by Melissa Klein

Leaders of two minority professional associations have teamed up in an effort to diversify corporate boards.

The Association of Latino Professionals in Finance & Accounting and the National Association of Black Accountants are collaborating on a campaign that they hope will increase minority board representation.

“The picture is dismal when you look at the number of minorities serving on corporate boards. It definitely doesn’t mirror the population or the community these companies are in,” said Manny Espinoza, chief executive officer of Los Angeles-based ALPFA, which aims to build Hispanic leadership in the accounting and finance arena.

Among Fortune 1000 companies, 492 minority individuals hold 798 of 11,500 board seats, or roughly 6.9 percent, according to a report by Diversity Best Practices, a Washington-based advocacy group.

“Part of becoming successful is being involved in critical leadership positions, which means being on boards,” Espinoza said. “How will people become leaders if they’re not participating? Our members have value to add, but they’re not being asked to serve on boards. We need to get people aware that we have outstanding talent here.”

The two groups have formed a strategic alliance to identify and build a database of qualified minority candidates for corporate boards of directors.

“Numbers do count,” said Espinoza. ALPFA has about 4,000 members. “If you don’t have critical mass, you have to join with other people who have the same mission. We believe that, as an alliance, we’ll have more impact.”

Espinoza said that the goal of the alliance is twofold: educating companies about the importance of having diverse boards, and providing them with qualified candidates.

“Just like it makes good business sense to have a diverse work force, it makes good business sense to have a diverse board,” he said.

“If companies really want a diverse view, they have to have a diverse group of individuals on their board,” said Darryl Matthews, executive director of the Greenbelt, Md.-based NABA. The organization, which does not disclose membership numbers, said that it “represents the interests of over 100,000 African-Americans in accounting and auditing posts.”

“Companies can’t say to the community that they’re in that they are good enough to make them profits and to buy their products, but not good enough to sit on their boards. Reciprocity is a key issue here.”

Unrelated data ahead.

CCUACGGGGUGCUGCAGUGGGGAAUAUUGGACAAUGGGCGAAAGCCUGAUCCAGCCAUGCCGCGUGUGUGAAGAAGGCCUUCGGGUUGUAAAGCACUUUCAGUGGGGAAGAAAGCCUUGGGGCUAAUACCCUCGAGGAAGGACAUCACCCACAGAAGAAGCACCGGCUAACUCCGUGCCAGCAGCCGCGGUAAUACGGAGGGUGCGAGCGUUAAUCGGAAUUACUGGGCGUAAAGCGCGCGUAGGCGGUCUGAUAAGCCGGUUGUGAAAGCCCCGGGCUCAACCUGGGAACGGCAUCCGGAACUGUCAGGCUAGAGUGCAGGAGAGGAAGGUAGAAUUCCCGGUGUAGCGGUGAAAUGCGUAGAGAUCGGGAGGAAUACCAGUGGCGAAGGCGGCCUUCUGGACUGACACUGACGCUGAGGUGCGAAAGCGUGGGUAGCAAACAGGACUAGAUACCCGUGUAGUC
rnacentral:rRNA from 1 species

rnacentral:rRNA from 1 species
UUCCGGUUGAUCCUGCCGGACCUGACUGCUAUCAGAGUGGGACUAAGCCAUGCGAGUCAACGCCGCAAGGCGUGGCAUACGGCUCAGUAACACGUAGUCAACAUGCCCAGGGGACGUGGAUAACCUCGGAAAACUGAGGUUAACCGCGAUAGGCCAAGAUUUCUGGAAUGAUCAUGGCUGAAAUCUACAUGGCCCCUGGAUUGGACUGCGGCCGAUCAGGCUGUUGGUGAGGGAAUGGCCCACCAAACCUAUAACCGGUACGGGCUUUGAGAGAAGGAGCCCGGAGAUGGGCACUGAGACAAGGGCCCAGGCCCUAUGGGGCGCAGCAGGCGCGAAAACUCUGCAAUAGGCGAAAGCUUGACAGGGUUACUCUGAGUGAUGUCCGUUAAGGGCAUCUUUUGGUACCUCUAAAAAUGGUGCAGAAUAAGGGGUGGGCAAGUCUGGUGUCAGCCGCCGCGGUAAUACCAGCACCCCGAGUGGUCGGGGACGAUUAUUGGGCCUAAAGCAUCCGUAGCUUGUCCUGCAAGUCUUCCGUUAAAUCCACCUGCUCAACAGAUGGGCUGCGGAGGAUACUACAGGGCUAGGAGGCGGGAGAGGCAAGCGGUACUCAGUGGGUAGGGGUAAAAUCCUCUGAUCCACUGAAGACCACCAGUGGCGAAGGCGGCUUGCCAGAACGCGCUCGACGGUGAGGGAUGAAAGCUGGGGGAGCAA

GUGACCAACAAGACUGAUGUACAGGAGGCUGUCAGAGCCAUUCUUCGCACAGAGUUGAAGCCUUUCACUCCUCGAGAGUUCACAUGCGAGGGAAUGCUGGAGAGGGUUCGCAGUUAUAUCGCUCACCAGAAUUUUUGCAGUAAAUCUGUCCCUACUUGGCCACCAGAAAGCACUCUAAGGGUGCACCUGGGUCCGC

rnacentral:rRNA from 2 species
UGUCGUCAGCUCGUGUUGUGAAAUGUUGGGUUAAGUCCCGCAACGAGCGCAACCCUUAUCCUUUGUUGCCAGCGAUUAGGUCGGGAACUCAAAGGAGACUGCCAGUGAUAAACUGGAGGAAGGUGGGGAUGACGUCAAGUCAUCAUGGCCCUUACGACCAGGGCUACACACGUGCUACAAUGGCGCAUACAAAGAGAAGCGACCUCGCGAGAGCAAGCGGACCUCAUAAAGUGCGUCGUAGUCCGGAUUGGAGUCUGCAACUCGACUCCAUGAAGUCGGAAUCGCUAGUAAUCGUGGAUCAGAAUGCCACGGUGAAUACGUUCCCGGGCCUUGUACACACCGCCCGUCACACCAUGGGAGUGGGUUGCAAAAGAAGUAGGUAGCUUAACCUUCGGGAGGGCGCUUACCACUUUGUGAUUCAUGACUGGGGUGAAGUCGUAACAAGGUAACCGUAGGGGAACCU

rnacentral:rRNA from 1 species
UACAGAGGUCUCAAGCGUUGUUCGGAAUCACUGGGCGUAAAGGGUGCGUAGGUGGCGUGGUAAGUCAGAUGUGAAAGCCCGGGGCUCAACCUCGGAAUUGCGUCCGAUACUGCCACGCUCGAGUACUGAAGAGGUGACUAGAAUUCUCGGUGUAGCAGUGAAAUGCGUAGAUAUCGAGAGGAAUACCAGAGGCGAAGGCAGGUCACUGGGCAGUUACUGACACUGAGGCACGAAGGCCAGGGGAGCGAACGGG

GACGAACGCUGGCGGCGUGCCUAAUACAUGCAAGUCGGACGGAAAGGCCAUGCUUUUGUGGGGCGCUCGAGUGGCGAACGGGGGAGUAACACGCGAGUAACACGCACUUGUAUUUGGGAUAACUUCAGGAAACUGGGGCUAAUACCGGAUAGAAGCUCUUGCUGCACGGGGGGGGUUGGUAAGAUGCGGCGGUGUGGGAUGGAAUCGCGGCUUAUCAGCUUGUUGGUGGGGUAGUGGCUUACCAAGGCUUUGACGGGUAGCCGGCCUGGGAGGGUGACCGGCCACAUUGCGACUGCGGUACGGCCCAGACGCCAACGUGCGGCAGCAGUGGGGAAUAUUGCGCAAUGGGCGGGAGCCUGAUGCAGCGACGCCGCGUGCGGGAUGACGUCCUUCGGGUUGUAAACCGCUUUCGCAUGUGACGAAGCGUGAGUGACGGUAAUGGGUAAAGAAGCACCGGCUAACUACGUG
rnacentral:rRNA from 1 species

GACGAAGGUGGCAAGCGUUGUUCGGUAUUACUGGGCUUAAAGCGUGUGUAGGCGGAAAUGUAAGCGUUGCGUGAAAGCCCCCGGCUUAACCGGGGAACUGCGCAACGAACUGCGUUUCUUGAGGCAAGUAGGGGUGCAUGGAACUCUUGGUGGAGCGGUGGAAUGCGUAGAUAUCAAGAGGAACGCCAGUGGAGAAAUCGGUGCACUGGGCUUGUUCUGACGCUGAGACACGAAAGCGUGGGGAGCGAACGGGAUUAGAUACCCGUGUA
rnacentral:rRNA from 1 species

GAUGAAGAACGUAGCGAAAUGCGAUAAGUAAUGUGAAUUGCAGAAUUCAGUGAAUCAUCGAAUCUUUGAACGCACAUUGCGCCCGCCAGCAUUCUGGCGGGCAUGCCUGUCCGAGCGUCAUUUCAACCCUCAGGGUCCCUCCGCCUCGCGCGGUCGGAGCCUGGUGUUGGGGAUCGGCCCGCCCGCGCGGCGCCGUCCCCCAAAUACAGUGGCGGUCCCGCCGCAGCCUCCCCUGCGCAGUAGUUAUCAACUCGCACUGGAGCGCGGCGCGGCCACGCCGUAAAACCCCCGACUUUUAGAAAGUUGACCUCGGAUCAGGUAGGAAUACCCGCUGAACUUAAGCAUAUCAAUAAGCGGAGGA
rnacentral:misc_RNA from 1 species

“Since the meltdown in the financial community [the recent spate of accounting scandals], we’ve been contacted by a number of search firms looking for candidates,” Matthews said. “Our goal is to identify credible, qualified candidates to serve on boards. A lot of our more-seasoned members who are partners at the big firms and who are at the end of their careers say that they are interested in serving on corporate boards when they retire.”

For Erby Foster, a member and former national president of NABA, the lack of minority representation on boards was highlighted in a May 2001 CFO Magazine cover story on corporate diversity.

The article reported that in the Year 2000, only 14 of the finance chiefs in the Fortune 500, 10 of the treasurers, and five of the controllers were people of color, Foster, then NABA president, recalled.

“It got Manny and I thinking about what our organizations can do to highlight these issues and concerns and to help provide a solution,” Foster said. “We decided we could provide a list of partners who would be attractive candidates for these positions. We want to provide the vehicle for people who are serious about it to be successful.”

“There are two schools of thought,” said Foster. “There’s a ‘scarcity mentality,’ that there are few opportunities available to all minorities in corporate America. For instance, a company will have one minority vice president, and everyone can fight over which one of us will get that spot. But I believe in what I call the ‘abundance mentality.’ I’m looking to grow the pie rather than fighting over one slice.”

“With the financial scandals of the last few years, we’re seeing some turnover on boards. Some of it is by design - they need more outside, independent people. We see it as a great opportunity for a pool of new talent to serve on these boards,” said Foster.

The process for identifying candidates and building the database is still in the planning stages. “The database has to be strategic to make sure that we’ve gotten qualified candidates,” said Espinoza. “We will do some kind of filtering as to members’ past board experience. The worst thing we could do is to send candidates who aren’t qualified.”

The groups are collaborating with the American Institute of CPAs on the effort. They also plan to reach out to other groups to join their effort, including the Executive Leadership Council, the National Black MBA Association and the National Society of Hispanic MBAs.

“We believe that the more partners we have, the better,” said Espinoza. “We’re hoping we can kick this off by the end of this year or the beginning of next year.”

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